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Extended Essay for Biology

Extended Essay for Biology

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Extended Essay for Biology

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  1. Extended Essay for Biology

  2. THE EXTENDED ESSAY • What is it? • How do I get started? • Good and Bad Research Questions • Some Common Problems

  3. Basic Facts • Personal research by the student • On a question or hypothesis chosen by the student, not assigned by the teacher • In the format of a formal research paper

  4. Basic Facts • Length 4,000 words • not including appendices, illustrations, bibliography, footnotes or endnotes • with an abstract within 300 words

  5. Basic Facts • Required for the IB Diploma • Counts towards additional diploma points along with Theory of Knowledge • Assessed according to published criteria

  6. WHO IS INVOLVED IN THE EXTENDED ESSAY? • The student • The student’s supervisor • The IB Coordinator • The International Baccalaureate Organization

  7. How to choose a research topic? • In your subject, make a list of the topical areas that interest you the most. Discuss this list with • your teacher • your friends • your parents and/or • anyone else who you think may be able to give you advice or be interested.

  8. Contd.. • Choose an area from this list, and read more in this area - if possible, with advice from your supervisor. • While reading, try and list questions that you are curious about. • THIS MUST BE DONE RIGHT THROUGH THE RESEARCH PROCESS, SO....

  9. HOW TO CHOOSE A RESEARCH TOPIC Ask yourself • what data you might need to answer these questions • whether you will have access to the data • whether you will need to find other sources of data See whether there has been any research by others in this area.


  11. WHAT IS A GOOD RESEARCH QUESTION? • One formulated by the student out of his/her own curiosity or interest • Non-trivial (i.e., substantial, not speculative or too limited in scope, not self-evident) • Sharply enough focused so that the student can answer it in 4,000 words.

  12. Example of a bad research question • What causes cancer?

  13. EXAMPLE OF A GOOD RESEARCH QUESTION BIOLOGY The ecology of snails in the Koç School campus.

  14. If you find the material is inconclusive for your research… • Speak to your supervisor. • Re-examine the material and see whether you are missing something. • Re-examine the theoretical “spectacles” with which you are viewing the material. • Examine why it is inconclusive as part of the analysis and discussion in your essay.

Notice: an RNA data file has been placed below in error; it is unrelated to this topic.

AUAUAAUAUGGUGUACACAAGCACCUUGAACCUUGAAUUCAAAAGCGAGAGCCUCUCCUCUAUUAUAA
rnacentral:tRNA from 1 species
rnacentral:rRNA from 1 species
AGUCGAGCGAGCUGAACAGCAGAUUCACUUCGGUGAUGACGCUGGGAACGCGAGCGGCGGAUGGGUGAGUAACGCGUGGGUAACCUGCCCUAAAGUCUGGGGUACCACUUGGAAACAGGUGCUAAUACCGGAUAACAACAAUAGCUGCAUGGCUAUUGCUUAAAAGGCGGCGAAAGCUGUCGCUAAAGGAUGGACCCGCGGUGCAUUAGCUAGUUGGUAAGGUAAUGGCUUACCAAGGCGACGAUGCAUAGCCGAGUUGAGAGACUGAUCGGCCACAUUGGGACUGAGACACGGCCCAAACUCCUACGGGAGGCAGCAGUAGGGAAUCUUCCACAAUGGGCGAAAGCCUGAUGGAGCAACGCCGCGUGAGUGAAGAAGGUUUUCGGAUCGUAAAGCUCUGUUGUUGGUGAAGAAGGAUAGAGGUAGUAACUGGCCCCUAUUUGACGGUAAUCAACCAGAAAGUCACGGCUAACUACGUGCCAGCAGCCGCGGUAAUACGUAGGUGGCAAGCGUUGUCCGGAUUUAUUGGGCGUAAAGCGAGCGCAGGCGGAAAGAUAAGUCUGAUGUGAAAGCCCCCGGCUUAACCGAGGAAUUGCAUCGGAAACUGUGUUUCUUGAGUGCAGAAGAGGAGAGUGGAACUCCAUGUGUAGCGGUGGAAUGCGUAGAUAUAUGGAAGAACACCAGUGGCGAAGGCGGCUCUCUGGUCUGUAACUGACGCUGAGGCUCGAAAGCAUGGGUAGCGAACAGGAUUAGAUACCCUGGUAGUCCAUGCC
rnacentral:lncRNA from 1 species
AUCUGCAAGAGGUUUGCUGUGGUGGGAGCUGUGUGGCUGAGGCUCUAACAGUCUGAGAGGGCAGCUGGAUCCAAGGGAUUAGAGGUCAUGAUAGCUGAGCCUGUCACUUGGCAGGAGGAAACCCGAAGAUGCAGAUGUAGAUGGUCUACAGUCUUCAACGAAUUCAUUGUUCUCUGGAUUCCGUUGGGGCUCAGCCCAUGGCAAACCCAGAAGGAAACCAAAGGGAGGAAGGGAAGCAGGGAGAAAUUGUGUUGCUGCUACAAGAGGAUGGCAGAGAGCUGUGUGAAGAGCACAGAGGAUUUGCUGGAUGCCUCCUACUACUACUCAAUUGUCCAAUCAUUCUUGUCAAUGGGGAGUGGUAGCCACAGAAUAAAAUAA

15. If you feel you don’t know enough in the discipline to be able to complete your research… • Seek help from your supervisor to find out what ideas, concepts, frameworks, tools or techniques will help you address the research question. • Read more in the discipline in which you are doing the research. • Seek help from professors or graduate students at universities to teach you what you need to know. (Your supervisor will probably not teach you, but may help you teach yourself. )

  16. TIPS AND PITS • Tips: • Make sure your question is narrowly focused. • It helps to exceed by about 20-30% the word limit in the first few drafts, and cut it back to the maximum of 4,000 for the final. • Keep assessing each draft of your essay against the General and Subject Criteria in the Extended Essay Guide, or ask your supervisor to do so. • Record ALL sources that you consult and use, and cite them carefully.

  17. TIPS AND PITS • More Tips: • Keep a Research Diary or Journal or Notebook, especially a pocket-sized one that you can carry about and record any ideas that occur to you anywhere. • Frequently draw spider diagrams to get the bigger picture, and make links that you know of, and look for other possible links that you may have missed. • Make sure that you present, analyze and interpret data – not just present them! • Use the technical vocabulary and concepts of the discipline in which you are working - don’t write like a journalist.

  18. TIPS AND PITS • STILL more tips: • Remember that if you give up on the essay, you still need to hand in a Yearly Project, and you disqualify yourself from the IB Diploma. So… • Complete the essay as best you can, even if you run into problems. That way you will have learnt something valuable! • Write the Introduction LAST, so that you can give the reader a clear statement of the research question, and how you have addressed it (a “roadmap” of the essay).

  19. TIPS AND PITS • Pitfalls: • Don’t neglect to refer to BOTH sections of your Extended Essay Guide FREQUENTLY. • DON’T leave everything till the last. The deadlines for drafts are there to help you pace your work. They are not a monument to my alleged sadism! • Do NOT rely entirely or mostly on web based resources because of they often tend to be unreliable.

  20. TIPS AND PITS • MORE Pitfalls • KEEP BACK-UPS (note the plural) OF ALL YOUR WORK. You will be surprised how well your computer knows when to crash. • BEWARE OF PLAGIARISM (especially the unintentional kind)! The consequences are UNPLEASANT.

  21. Common Problems with Extended Essays • Students discover too late that there is too little data, or data is inaccessible. • Over-reliance on web-based sources • Students discover too late that their knowledge of the subject is not deep enough. • Ethical issues regarding gathering of data or performing of experiments

  22. If you find it difficult to organize, analyze or interpret the material or data required for your research… • Seek your supervisor’s advice. • Consider whether you need to re-word or re-think your research question. • Look for theoretical frameworks or tools in your discipline that can help you analyze or interpret the material you have available.